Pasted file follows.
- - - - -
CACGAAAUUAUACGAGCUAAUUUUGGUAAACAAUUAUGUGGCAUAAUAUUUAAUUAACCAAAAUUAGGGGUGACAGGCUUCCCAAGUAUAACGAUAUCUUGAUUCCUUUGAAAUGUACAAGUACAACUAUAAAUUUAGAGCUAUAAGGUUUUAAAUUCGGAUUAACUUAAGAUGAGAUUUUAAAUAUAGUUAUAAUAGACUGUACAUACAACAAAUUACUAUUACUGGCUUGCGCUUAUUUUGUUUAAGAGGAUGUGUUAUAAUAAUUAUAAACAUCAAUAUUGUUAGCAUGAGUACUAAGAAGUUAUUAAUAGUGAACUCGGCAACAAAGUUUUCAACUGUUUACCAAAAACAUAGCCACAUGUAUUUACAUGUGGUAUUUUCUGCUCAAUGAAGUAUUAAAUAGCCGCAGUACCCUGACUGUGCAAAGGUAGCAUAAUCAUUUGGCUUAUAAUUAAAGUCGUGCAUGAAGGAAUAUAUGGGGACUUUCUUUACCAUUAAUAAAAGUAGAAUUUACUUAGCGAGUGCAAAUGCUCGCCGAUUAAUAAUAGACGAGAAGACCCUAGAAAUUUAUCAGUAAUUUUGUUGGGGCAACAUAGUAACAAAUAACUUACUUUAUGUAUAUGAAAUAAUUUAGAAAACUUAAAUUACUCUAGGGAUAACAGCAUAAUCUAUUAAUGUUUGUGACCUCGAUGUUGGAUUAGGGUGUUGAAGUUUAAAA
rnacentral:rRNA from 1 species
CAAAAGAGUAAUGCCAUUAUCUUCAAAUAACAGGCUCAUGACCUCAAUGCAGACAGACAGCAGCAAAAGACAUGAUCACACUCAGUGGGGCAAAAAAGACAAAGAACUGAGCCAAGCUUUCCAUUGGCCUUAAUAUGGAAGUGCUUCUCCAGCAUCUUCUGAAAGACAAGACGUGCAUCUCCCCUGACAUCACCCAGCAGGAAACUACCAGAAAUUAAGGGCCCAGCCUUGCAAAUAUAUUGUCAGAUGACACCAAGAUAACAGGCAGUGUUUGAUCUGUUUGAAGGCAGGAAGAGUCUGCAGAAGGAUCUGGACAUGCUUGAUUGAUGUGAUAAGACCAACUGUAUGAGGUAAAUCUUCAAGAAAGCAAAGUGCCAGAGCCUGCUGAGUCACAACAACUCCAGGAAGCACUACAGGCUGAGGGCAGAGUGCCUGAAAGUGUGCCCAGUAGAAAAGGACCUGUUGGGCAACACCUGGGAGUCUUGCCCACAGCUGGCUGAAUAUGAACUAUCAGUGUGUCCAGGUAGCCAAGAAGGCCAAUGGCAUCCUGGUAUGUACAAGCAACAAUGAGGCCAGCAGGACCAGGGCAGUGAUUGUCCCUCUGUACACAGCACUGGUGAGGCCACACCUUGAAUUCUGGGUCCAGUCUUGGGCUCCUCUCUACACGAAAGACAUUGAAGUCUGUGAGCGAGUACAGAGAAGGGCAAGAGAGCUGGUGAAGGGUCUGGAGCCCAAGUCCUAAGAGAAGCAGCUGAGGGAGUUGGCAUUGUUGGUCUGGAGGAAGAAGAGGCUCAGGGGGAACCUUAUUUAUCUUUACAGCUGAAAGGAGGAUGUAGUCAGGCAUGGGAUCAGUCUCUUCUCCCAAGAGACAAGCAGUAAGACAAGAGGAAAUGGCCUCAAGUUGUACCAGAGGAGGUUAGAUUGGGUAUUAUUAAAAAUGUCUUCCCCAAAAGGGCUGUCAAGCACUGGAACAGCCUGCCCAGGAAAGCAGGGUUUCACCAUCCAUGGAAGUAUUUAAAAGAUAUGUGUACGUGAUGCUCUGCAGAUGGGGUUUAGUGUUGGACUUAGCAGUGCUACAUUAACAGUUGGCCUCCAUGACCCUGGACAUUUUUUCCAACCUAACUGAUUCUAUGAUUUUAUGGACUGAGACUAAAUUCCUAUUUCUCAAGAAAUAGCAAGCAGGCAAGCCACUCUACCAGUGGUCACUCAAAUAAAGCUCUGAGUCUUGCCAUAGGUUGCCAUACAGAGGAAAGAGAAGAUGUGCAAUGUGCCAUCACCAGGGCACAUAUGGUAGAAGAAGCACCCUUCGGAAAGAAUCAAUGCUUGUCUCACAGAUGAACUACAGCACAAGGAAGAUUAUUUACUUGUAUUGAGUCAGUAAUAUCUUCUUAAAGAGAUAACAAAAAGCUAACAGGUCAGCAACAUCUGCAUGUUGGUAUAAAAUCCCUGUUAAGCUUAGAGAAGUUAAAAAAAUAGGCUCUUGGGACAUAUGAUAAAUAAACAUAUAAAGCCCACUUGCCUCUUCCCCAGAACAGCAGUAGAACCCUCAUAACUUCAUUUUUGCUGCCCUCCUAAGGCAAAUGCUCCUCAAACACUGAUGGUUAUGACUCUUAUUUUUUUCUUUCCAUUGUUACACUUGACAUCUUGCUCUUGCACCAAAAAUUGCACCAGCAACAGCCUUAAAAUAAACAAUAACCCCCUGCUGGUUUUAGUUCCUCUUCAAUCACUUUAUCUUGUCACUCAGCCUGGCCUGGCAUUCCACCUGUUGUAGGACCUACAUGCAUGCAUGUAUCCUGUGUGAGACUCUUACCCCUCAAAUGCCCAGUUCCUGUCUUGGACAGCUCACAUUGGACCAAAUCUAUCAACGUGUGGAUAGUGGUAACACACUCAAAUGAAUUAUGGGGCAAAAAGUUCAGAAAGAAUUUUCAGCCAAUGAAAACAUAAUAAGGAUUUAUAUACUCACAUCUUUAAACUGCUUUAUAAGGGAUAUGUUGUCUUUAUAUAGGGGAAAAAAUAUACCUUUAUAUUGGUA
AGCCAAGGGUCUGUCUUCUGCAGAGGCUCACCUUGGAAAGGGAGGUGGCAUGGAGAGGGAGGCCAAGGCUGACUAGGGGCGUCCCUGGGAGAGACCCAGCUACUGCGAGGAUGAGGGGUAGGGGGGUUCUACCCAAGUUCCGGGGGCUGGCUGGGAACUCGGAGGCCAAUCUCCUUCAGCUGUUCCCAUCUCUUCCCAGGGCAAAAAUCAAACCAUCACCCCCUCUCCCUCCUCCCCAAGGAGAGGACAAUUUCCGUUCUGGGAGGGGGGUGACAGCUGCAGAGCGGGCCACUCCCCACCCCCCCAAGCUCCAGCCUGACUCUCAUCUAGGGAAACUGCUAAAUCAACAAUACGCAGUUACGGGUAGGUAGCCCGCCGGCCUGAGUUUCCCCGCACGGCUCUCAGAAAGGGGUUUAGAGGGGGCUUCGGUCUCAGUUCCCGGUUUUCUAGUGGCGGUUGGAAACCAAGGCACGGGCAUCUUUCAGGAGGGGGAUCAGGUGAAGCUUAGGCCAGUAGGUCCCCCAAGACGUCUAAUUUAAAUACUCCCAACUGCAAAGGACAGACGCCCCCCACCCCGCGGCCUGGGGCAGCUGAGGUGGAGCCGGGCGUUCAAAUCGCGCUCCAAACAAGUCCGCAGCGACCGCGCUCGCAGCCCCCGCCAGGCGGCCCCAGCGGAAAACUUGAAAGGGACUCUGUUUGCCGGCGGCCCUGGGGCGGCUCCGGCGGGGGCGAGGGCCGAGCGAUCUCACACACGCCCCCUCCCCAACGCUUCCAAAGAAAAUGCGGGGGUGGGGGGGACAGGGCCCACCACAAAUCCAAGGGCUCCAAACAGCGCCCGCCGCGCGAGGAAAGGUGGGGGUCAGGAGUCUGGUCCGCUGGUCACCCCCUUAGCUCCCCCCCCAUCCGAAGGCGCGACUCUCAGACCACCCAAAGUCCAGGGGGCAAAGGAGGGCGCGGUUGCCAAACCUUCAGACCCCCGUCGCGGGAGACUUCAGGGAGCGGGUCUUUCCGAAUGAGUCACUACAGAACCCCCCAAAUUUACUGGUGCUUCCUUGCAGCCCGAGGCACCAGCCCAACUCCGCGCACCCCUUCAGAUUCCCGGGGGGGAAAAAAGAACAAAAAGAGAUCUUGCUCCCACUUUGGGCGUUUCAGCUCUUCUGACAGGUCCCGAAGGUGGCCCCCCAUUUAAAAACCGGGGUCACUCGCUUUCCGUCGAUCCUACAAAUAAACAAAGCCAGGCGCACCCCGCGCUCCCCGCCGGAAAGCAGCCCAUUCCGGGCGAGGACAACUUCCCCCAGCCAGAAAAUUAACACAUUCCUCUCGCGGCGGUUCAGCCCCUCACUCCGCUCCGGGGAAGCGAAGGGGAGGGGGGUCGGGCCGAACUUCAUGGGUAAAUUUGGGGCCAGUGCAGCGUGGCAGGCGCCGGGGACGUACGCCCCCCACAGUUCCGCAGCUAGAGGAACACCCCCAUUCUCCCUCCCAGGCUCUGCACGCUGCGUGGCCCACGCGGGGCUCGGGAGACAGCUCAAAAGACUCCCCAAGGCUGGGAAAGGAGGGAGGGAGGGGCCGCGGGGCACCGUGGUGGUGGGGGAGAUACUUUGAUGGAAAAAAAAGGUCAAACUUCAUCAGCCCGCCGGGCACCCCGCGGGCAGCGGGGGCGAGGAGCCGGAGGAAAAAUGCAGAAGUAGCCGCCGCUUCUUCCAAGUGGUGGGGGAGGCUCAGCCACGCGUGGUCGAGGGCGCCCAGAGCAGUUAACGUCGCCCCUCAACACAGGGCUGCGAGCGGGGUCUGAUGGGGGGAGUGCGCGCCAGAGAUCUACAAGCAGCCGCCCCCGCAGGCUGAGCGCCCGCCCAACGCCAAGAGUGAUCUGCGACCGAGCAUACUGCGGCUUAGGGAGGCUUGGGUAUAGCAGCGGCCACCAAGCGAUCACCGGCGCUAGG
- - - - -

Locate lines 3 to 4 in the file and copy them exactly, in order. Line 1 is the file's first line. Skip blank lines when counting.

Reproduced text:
CAAAAGAGUAAUGCCAUUAUCUUCAAAUAACAGGCUCAUGACCUCAAUGCAGACAGACAGCAGCAAAAGACAUGAUCACACUCAGUGGGGCAAAAAAGACAAAGAACUGAGCCAAGCUUUCCAUUGGCCUUAAUAUGGAAGUGCUUCUCCAGCAUCUUCUGAAAGACAAGACGUGCAUCUCCCCUGACAUCACCCAGCAGGAAACUACCAGAAAUUAAGGGCCCAGCCUUGCAAAUAUAUUGUCAGAUGACACCAAGAUAACAGGCAGUGUUUGAUCUGUUUGAAGGCAGGAAGAGUCUGCAGAAGGAUCUGGACAUGCUUGAUUGAUGUGAUAAGACCAACUGUAUGAGGUAAAUCUUCAAGAAAGCAAAGUGCCAGAGCCUGCUGAGUCACAACAACUCCAGGAAGCACUACAGGCUGAGGGCAGAGUGCCUGAAAGUGUGCCCAGUAGAAAAGGACCUGUUGGGCAACACCUGGGAGUCUUGCCCACAGCUGGCUGAAUAUGAACUAUCAGUGUGUCCAGGUAGCCAAGAAGGCCAAUGGCAUCCUGGUAUGUACAAGCAACAAUGAGGCCAGCAGGACCAGGGCAGUGAUUGUCCCUCUGUACACAGCACUGGUGAGGCCACACCUUGAAUUCUGGGUCCAGUCUUGGGCUCCUCUCUACACGAAAGACAUUGAAGUCUGUGAGCGAGUACAGAGAAGGGCAAGAGAGCUGGUGAAGGGUCUGGAGCCCAAGUCCUAAGAGAAGCAGCUGAGGGAGUUGGCAUUGUUGGUCUGGAGGAAGAAGAGGCUCAGGGGGAACCUUAUUUAUCUUUACAGCUGAAAGGAGGAUGUAGUCAGGCAUGGGAUCAGUCUCUUCUCCCAAGAGACAAGCAGUAAGACAAGAGGAAAUGGCCUCAAGUUGUACCAGAGGAGGUUAGAUUGGGUAUUAUUAAAAAUGUCUUCCCCAAAAGGGCUGUCAAGCACUGGAACAGCCUGCCCAGGAAAGCAGGGUUUCACCAUCCAUGGAAGUAUUUAAAAGAUAUGUGUACGUGAUGCUCUGCAGAUGGGGUUUAGUGUUGGACUUAGCAGUGCUACAUUAACAGUUGGCCUCCAUGACCCUGGACAUUUUUUCCAACCUAACUGAUUCUAUGAUUUUAUGGACUGAGACUAAAUUCCUAUUUCUCAAGAAAUAGCAAGCAGGCAAGCCACUCUACCAGUGGUCACUCAAAUAAAGCUCUGAGUCUUGCCAUAGGUUGCCAUACAGAGGAAAGAGAAGAUGUGCAAUGUGCCAUCACCAGGGCACAUAUGGUAGAAGAAGCACCCUUCGGAAAGAAUCAAUGCUUGUCUCACAGAUGAACUACAGCACAAGGAAGAUUAUUUACUUGUAUUGAGUCAGUAAUAUCUUCUUAAAGAGAUAACAAAAAGCUAACAGGUCAGCAACAUCUGCAUGUUGGUAUAAAAUCCCUGUUAAGCUUAGAGAAGUUAAAAAAAUAGGCUCUUGGGACAUAUGAUAAAUAAACAUAUAAAGCCCACUUGCCUCUUCCCCAGAACAGCAGUAGAACCCUCAUAACUUCAUUUUUGCUGCCCUCCUAAGGCAAAUGCUCCUCAAACACUGAUGGUUAUGACUCUUAUUUUUUUCUUUCCAUUGUUACACUUGACAUCUUGCUCUUGCACCAAAAAUUGCACCAGCAACAGCCUUAAAAUAAACAAUAACCCCCUGCUGGUUUUAGUUCCUCUUCAAUCACUUUAUCUUGUCACUCAGCCUGGCCUGGCAUUCCACCUGUUGUAGGACCUACAUGCAUGCAUGUAUCCUGUGUGAGACUCUUACCCCUCAAAUGCCCAGUUCCUGUCUUGGACAGCUCACAUUGGACCAAAUCUAUCAACGUGUGGAUAGUGGUAACACACUCAAAUGAAUUAUGGGGCAAAAAGUUCAGAAAGAAUUUUCAGCCAAUGAAAACAUAAUAAGGAUUUAUAUACUCACAUCUUUAAACUGCUUUAUAAGGGAUAUGUUGUCUUUAUAUAGGGGAAAAAAUAUACCUUUAUAUUGGUA
AGCCAAGGGUCUGUCUUCUGCAGAGGCUCACCUUGGAAAGGGAGGUGGCAUGGAGAGGGAGGCCAAGGCUGACUAGGGGCGUCCCUGGGAGAGACCCAGCUACUGCGAGGAUGAGGGGUAGGGGGGUUCUACCCAAGUUCCGGGGGCUGGCUGGGAACUCGGAGGCCAAUCUCCUUCAGCUGUUCCCAUCUCUUCCCAGGGCAAAAAUCAAACCAUCACCCCCUCUCCCUCCUCCCCAAGGAGAGGACAAUUUCCGUUCUGGGAGGGGGGUGACAGCUGCAGAGCGGGCCACUCCCCACCCCCCCAAGCUCCAGCCUGACUCUCAUCUAGGGAAACUGCUAAAUCAACAAUACGCAGUUACGGGUAGGUAGCCCGCCGGCCUGAGUUUCCCCGCACGGCUCUCAGAAAGGGGUUUAGAGGGGGCUUCGGUCUCAGUUCCCGGUUUUCUAGUGGCGGUUGGAAACCAAGGCACGGGCAUCUUUCAGGAGGGGGAUCAGGUGAAGCUUAGGCCAGUAGGUCCCCCAAGACGUCUAAUUUAAAUACUCCCAACUGCAAAGGACAGACGCCCCCCACCCCGCGGCCUGGGGCAGCUGAGGUGGAGCCGGGCGUUCAAAUCGCGCUCCAAACAAGUCCGCAGCGACCGCGCUCGCAGCCCCCGCCAGGCGGCCCCAGCGGAAAACUUGAAAGGGACUCUGUUUGCCGGCGGCCCUGGGGCGGCUCCGGCGGGGGCGAGGGCCGAGCGAUCUCACACACGCCCCCUCCCCAACGCUUCCAAAGAAAAUGCGGGGGUGGGGGGGACAGGGCCCACCACAAAUCCAAGGGCUCCAAACAGCGCCCGCCGCGCGAGGAAAGGUGGGGGUCAGGAGUCUGGUCCGCUGGUCACCCCCUUAGCUCCCCCCCCAUCCGAAGGCGCGACUCUCAGACCACCCAAAGUCCAGGGGGCAAAGGAGGGCGCGGUUGCCAAACCUUCAGACCCCCGUCGCGGGAGACUUCAGGGAGCGGGUCUUUCCGAAUGAGUCACUACAGAACCCCCCAAAUUUACUGGUGCUUCCUUGCAGCCCGAGGCACCAGCCCAACUCCGCGCACCCCUUCAGAUUCCCGGGGGGGAAAAAAGAACAAAAAGAGAUCUUGCUCCCACUUUGGGCGUUUCAGCUCUUCUGACAGGUCCCGAAGGUGGCCCCCCAUUUAAAAACCGGGGUCACUCGCUUUCCGUCGAUCCUACAAAUAAACAAAGCCAGGCGCACCCCGCGCUCCCCGCCGGAAAGCAGCCCAUUCCGGGCGAGGACAACUUCCCCCAGCCAGAAAAUUAACACAUUCCUCUCGCGGCGGUUCAGCCCCUCACUCCGCUCCGGGGAAGCGAAGGGGAGGGGGGUCGGGCCGAACUUCAUGGGUAAAUUUGGGGCCAGUGCAGCGUGGCAGGCGCCGGGGACGUACGCCCCCCACAGUUCCGCAGCUAGAGGAACACCCCCAUUCUCCCUCCCAGGCUCUGCACGCUGCGUGGCCCACGCGGGGCUCGGGAGACAGCUCAAAAGACUCCCCAAGGCUGGGAAAGGAGGGAGGGAGGGGCCGCGGGGCACCGUGGUGGUGGGGGAGAUACUUUGAUGGAAAAAAAAGGUCAAACUUCAUCAGCCCGCCGGGCACCCCGCGGGCAGCGGGGGCGAGGAGCCGGAGGAAAAAUGCAGAAGUAGCCGCCGCUUCUUCCAAGUGGUGGGGGAGGCUCAGCCACGCGUGGUCGAGGGCGCCCAGAGCAGUUAACGUCGCCCCUCAACACAGGGCUGCGAGCGGGGUCUGAUGGGGGGAGUGCGCGCCAGAGAUCUACAAGCAGCCGCCCCCGCAGGCUGAGCGCCCGCCCAACGCCAAGAGUGAUCUGCGACCGAGCAUACUGCGGCUUAGGGAGGCUUGGGUAUAGCAGCGGCCACCAAGCGAUCACCGGCGCUAGG